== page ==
A natural question is if we only have one training set, how can we learn a collection of $$T$$ trees. Clearly each tree would need to be different somehow. If they were all the exact same model and all made the exact same predictions, an ensemble of clones would make the exact same decisions as the individuals. So how can we create differences in the tree?

We accomplish this by creating sampled datasets by bootstrapping our original dataset. Bootstrapping is the process of randomly sampling from our dataset, with replacement, to make new versions of our dataset that are slightly different than the original. We make a bootstrapped version of our dataset for each of the $$T$$ trees we want to train, such that each dataset each tree trains on is now a random sample (with replacement) of our original dataset. A couple of key details about this sampling procedure.

• Each bootstrapped dataset will have $$n$$ examples like the original dataset. But because we sample with replacement, some examples from the original will be left out since we will not choose some by chance2.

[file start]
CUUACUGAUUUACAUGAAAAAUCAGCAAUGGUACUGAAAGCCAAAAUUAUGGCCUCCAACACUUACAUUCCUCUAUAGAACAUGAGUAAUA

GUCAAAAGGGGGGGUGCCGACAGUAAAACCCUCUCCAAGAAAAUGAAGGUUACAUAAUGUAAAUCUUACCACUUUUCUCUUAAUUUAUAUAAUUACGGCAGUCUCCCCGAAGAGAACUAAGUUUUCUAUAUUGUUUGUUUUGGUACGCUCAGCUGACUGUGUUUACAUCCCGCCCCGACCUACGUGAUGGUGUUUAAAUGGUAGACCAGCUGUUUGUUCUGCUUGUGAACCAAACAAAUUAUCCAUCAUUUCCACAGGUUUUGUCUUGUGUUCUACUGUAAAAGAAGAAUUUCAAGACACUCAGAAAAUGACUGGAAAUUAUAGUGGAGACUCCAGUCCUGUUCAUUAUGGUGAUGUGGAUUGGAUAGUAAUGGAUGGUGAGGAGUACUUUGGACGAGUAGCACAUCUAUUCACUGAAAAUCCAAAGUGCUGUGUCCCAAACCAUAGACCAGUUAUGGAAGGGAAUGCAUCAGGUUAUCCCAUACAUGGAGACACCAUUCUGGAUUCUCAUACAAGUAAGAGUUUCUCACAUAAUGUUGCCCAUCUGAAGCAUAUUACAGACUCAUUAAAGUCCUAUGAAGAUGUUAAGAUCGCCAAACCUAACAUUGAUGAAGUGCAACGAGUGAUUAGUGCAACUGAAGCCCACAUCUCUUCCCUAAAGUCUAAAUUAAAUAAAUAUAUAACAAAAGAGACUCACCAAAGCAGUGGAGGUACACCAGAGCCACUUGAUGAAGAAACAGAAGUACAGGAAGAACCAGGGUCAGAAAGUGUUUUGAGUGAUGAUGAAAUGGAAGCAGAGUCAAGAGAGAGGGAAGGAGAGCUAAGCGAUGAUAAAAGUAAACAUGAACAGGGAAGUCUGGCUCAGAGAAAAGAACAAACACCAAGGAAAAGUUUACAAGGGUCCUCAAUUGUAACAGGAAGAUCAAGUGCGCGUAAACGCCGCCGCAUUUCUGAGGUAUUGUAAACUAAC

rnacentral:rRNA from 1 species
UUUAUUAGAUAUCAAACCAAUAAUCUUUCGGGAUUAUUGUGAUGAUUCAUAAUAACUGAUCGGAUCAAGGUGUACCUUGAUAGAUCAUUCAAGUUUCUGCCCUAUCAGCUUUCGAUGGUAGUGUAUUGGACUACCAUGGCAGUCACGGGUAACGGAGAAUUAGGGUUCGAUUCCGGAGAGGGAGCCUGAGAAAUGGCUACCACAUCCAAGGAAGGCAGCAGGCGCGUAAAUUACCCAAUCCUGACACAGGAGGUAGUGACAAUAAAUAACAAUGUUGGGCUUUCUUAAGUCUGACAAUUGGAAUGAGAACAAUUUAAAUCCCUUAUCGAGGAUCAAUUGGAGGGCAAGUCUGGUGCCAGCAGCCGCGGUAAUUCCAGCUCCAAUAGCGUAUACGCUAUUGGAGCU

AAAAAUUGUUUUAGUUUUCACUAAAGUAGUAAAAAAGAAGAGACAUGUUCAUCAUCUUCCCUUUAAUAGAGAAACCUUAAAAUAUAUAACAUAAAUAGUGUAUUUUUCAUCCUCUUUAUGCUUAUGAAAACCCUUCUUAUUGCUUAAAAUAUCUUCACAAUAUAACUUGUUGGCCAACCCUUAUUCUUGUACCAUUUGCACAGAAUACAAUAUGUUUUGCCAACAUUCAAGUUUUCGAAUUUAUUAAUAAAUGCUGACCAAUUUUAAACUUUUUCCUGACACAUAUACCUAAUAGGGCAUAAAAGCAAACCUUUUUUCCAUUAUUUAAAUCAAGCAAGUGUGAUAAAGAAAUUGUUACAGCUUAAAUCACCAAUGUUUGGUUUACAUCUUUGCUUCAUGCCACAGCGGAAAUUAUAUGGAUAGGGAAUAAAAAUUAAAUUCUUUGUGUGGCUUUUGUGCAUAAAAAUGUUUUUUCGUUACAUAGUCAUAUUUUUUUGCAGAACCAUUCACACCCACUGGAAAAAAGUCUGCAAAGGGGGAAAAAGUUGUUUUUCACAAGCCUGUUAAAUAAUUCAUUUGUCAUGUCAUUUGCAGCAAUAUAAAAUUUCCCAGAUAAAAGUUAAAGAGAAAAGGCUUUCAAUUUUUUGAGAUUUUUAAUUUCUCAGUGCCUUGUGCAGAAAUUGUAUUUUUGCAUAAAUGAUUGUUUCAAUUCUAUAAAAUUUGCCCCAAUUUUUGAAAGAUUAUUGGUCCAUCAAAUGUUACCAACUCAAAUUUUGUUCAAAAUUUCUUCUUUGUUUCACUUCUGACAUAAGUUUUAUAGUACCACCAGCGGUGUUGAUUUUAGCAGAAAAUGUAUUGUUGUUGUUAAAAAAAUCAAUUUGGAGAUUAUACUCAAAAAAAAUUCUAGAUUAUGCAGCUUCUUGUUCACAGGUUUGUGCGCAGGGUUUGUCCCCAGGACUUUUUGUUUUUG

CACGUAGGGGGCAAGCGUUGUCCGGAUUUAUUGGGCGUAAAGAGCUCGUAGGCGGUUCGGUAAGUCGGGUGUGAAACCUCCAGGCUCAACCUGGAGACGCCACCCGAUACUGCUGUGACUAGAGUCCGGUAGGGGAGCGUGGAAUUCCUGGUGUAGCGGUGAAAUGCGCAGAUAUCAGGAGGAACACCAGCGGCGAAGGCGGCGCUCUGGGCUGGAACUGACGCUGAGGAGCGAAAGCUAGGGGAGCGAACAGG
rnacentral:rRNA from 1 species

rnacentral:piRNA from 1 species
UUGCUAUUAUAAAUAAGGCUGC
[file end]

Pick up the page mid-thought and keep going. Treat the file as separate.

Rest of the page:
• We also select some number of features $$m < D$$ to randomly select that number of features for each bootstrapped sample. That means each tree is only trained on a subset of sized $$m$$ of our original features (Not shown in the figure below). We’ll discuss this hyperparameter later. Fig. 10.3 Bootstrapping data for each tree by randomly selecting examples with replacement. Not shown: Also would randomly select features.#

Random Forests are a specific type of ensemble model known as a Bagging Ensemble. Bagging stands for “Bootstrapped aggregation” which comes from the fact that we are aggregating predictions over an ensemble of models trained on bootstrapped datasets.

So far, we have discussed our Random Forest is a collection of Decision Trees trained on random bootstraps of the original data. One important, but counter-intuitive, detail about these trees is we will also train them to grow without any limit on how tall they can become. This is precisely because we actually want each tree to overfit on the dataset it is trained on. It’s weird that after a whole book of trying to prevent overfitting, we are actually going to encourage overfitting in this context.